Kai Coggin (Colours of Love and Barriers)

Kai Coggin
Kai Coggin (she/her) is the author of four collections, most recently MINING FOR STARDUST (FlowerSong Press 2021). She is a teaching artist in poetry with the Arkansas Arts Council, and the host of the longest running consecutive weekly open mic series in the country—Wednesday Night Poetry. Her widely published poems have appeared in POETRY, Cultural Weekly, SWWIM, Lavender Review, and elsewhere. She lives with her wife in Hot Springs National Park, AR.

⌘ Making Memories with Auntie Kai and Auntie Joann

I Facetimed my sister and little nephew 
as I stood beside a giant snowman
I had just rolled into life,
my scarf from Paris draped 
around her frosty bulbous neck, 
a flowered top-hat tilted toward the sun,
leftover long stem valentine roses for arms, 
radishes for eyes, nose, three buttons, 
the perfect carrot nose, and it seems she became 
some kind of harbinger of spirit
or perhaps it was my wife
slalom-sledding in the background whizzing down 
our white washed hillside wonderland, 
because the next thing I knew, 
my sister and nephew
were in the car driving six and a half hours
from Houston to come and catch the last hours 
of our snow-kissed valley.

Xander is 5 now, little prince of smiles
who we haven’t seen since before the world changed, 
and Auntie Kai and Auntie Joann’s house has been 
a wilderness of love and warmth for him since he was a baby, 
first splashes in a spring-fed lake and little pebbles filling his pockets, 
paths of glow stones with overtones of green beauty and bird song,
picking blackberries and loading them 
into the caboose of his toy trains, 
so many vivid images remain imprinted into the earth here, 
his small footprints that lingered through the years, 
such richness in the small things, 
and this is just a taste of the language of his discovery
in my mouth, a sip of his developing soul
dipped in the north star of our wild Auntie hearts,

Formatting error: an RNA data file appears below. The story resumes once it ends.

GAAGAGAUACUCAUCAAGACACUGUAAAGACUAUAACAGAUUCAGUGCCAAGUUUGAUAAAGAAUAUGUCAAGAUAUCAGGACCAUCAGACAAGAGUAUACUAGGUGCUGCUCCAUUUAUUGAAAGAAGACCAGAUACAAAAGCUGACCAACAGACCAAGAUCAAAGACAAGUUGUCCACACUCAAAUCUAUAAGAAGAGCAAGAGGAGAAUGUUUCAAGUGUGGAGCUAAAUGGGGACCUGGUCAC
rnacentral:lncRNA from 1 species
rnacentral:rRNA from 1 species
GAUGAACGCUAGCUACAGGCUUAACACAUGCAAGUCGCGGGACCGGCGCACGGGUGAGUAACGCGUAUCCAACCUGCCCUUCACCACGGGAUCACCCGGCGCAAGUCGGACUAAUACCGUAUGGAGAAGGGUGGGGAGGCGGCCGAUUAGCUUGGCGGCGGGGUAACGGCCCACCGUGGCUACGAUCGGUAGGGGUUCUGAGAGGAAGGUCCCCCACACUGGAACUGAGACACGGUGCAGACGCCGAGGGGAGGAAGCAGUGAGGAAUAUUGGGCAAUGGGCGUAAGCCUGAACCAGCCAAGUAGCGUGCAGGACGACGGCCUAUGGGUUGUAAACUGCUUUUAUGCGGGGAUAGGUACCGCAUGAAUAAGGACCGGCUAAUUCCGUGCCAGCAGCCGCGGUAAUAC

making impressions on the soft belly of wonder
that was baby, then again at 3, and now little nephew
is his own whole person at 5, standing tall like the sapling of an oak
reaching to the middle of my chest, and maybe this visit is the best
that he will remember so far, because there is so much snow
and everywhere we go, there is a new memory waiting to be shaped
out of filament and season, out of the texture of land and water in his growing hands. 

Xander, sledding behind my sister’s exuberant rope,
the screams of joy and laughter echoing through our winter trees
and bouncing off the hills, the snow blankets these two city birds 
in a newfound joy, mother and son, playing like kids with equal wonder, 
two snow angels flapping wildly in the melting landscape, 
another snowman rolled into life and the most epic snowball fights,
our valley held on to the snow longer as the city around us melted, 
just so they could play all day and into the night, 
the moonlight turned the patches of snow luminescent
and our four hearts glowed as one.

The snow melt gave way to rushing streams 
the next day and another season shaped
memories out of the air and water, 
we floated a tiny red berry in an acorn hat boat
softly through the moss and rocks
and I gave him a lesson on the infinite, 
the smallest among us, we watched as the little berry tipped over
into the moving water, and his fingers dove in to save it.

At our lake, we made ripples throwing stones, 
and found a goldfinch bright as morning laying on the shore
succumbed to the freeze. I showed him
that even this fallen life should have a place to rest, 
carried it with twigs to a spot of thick moss
and we made a mandala of Flower Song leaves 
around the flightless golden thing, 
a memory of compassion.

Around the lake now, we took off our galoshes and together
we squished our toes in the sandy wet mud, 
his city fear of being dirty getting caked in fun with Auntie Kai, 
and Auntie Joann slipped the kayak into the opposite shoreline, 
and he paddled his own ship of selfhood for the first time, 
a spaghetti picnic outside that afternoon
leading to a fire-pit outside 
and glowing balloon dance into night two
there was still a little moonlight sledding to do, 
and so many firsts unfolded before his eyes, 
so many ways in which the shape of our land 
shaped his boyhood blooming into who he will become. 

I fell in love with watching my wife 
facilitate so much wonder, 
the muse who always makes my poems sing 
now singing into the hearts of our sudden visitors, 
her arm around Xander’s small shoulders
showing him, he is limitless and brave,
and when they go home tomorrow, 
when the last of the snow becomes nourish of spring,
when the season finally settles into neon green blooming, 
I know I will still hear their laughter in the trees 
feel their footprints and hands 
shaping memories from our land. 
this precious carve of earth,
this home in the wild, 
this loving wonderland of
Auntie Joann and Auntie Kai. 

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